2. You’re not from here.

3. Clogging the courts

4. Foot-dragging

D. Property rights

E. Get-Even/Strike First Warrant

1. The Keep off your own land tactic.

2. The Fake charge

3. Harassment without contact

4. Countersuit for Defamation Threat

F. The entry fee

1. Survey costs

2. Timber Appraisal

3. Witness Fees

4. Legal Fees

G. The Loss Valuation Problem

1. Clean Water Act limitation

2. Can’t count in court problem

3. Garage analogy

H. The Legal Aspect

1. Finding a lawyer

2. Dealing with legal tactics; evidence gathering, etc

3. Bar Association Futility

4. Rights in court.

5. Be the Criminal

I. Trial Issues:

1. Delays

2. Don’t get me involved.

3. Reluctance to testify

4. Let’s Settle It issue

J. Incentivizing the Thief:

1. R’s case

2. J’s situation

3. Undergoing chemotherapy

4. Nobody goes after the fence or the transporter

5. Bad Actor if pollute water, but not if steal.

K. What Other States Do

L. Where to From Here

Please Note: The information in this document is generally applicable across the country. However, when specific laws or practices are referred to, it is impractical to reference every state’s specifics, so Kentucky is generally the venue. Timber theft victims whose losses occur elsewhere should check their own laws with respect to statutes of limitations, felony theft thresholds, organizations of courts, practices of courts, and similar specifics.



Victims: A timber theft victim is potentially anyone who owns any timber, but especially hardwoods that are used in furniture and cabinet making. The victim doesn’t have to own a thousand acres, or a hundred acres, or even fifty acres. The owner of just one tree is a target, if that type of wood is in demand.

Absentee Landowners: While there’s no absolute pattern, there are some trends. Victims often tend to be absentee landowners -that is, they live away from their land. They may live in a town nearby, or in another state.

Elderly and/or Ill: Victims that live on their land may be too old or too sick to get around to all of it. One who lost 30 big oaks is legally blind, so there is no way he can monitor his timber. That is a problem especially in mountainous areas where the land tends to be fairly vertical, and where most people live in the valleys. Because of the land conformation and because nobody may live near, many elderly victims are out of earshot of logging noise, even if their hearing is still good.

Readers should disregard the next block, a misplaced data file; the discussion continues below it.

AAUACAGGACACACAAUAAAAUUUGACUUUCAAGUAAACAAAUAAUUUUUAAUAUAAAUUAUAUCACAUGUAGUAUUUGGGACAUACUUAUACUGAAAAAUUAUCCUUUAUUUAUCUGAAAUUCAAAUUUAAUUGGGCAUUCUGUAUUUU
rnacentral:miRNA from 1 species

Temporary Absentees: Even victims who live on their land, and would be able to hear loggers working when at home, can be away for a short time and lose timber. It doesn’t take months to get in, get trees, and get out. One victim tells of knowing there was logging on adjacent land, of showing the logger the boundary creek, of checking frequently to make sure that the logger stayed on his side of the creek, and then of going away for two days, only to return and find that his black walnut twelve feet across the creek into his land had been cut and taken away, and an effort made to conceal the removal.

Number of victims: Nobody knows. Statistics are hard to find, and there don’t appear to be any here in Kentucky. There is reason to suspect that most losses by small landowners are never even reported, which would skew any statistics that may exist in the direction of understating losses. Victims are identified, for the most part, by word of mouth. Victims have timber taken, and mention it. Word gets around, and other people mention their timber theft. Not a reliable method of gathering statistics, since one might learn about 1 in 100 victims that